one of the surest ways to produce poor-quality documentation is to write documentation at the end of the development process. writing the comments first makes documentation part of the design process, not only does this produce better documentation but it also produces better designs and it makes the process of writing documentation more enjoyable.

A different way to write comments

  • I used a different approach to writing comments, where I wrote the comments at the very beginning:
    • for a new class start by writing the class POSD - interface comments
    • next, write interface comments and signatures for the most important public methods but leave the method bodies empty.
    • Iterate a bit over these comments until the basic structure feels about right.
    • at this point write declaration and comments for the most important class instance variables in the class.
    • finally fill in the bodies of the methods, adding implementation comments as needed.
    • while writing method bodies you might discover the need for additional methods and instance variables. for each new method write the interface comment before the body of the method; for instance, variables fill in the comment at the same time that I write the variable declaration.
  • when the code is done the comments are also done there is never a backlog of unwritten comments.

the comments-first approach has three benefits.

  • first, it produces better comments if you write the comments as you are designing the class, the key design issues will be fresh in your mind, so it’s easy to record the. it’s better to write the interface comment for each method before its body so you can focus on the method abstraction and interface without being distracted by its implementation.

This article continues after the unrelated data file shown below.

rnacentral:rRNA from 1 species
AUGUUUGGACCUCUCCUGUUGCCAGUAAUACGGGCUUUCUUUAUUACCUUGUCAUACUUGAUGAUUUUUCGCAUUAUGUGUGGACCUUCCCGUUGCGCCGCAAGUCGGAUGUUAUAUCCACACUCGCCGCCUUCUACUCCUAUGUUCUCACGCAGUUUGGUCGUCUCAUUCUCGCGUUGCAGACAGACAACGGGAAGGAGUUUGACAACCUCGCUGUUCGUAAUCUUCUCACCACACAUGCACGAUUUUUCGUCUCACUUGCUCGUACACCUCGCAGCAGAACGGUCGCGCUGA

• the second and most important benefit is that it improves the system design. comments provide the only way to fully capture abstractions. and good abstraction is fundamental to good system design so if you write comments describing the abstractions at the beginning, you can review and tune them before writing implementation code. to write a good comment you must identify the essence of a variable or piece of code what is the most important aspect of this thing? is it important to do this early in the design process; otherwise you are just hacking the code.
    • comments can serve as a canary in the coal mine of complexity if a method or variable requires a long comment it is a red flag that you don’t have a good abstraction. as the best way to judge the complexity of an interface is from the comments that describe it. if the interface comment for a method provides all the information needed to use the method and is also short and simple, that indicates that the method has a simple interface.
    • Hard to describe
      • conversely, if there’s no way to describe a method completely without a long and complicated comment with the implementation to get a sense of how deep the method is; the interface comment must describe all the major features of the implementation. then the method is shallow #software design red flags as the comment describing a method or variable should be simple yet complete.
  • the third and final benefit of writing comments early is that it makes comment-writing more fun. One of the most enjoyable parts of programming is the early design phase for a new class, where you flesh out the abstractions and structure for the class. most of your comments are written during this phase, and the comments are how you record and test the quality of your design decisions.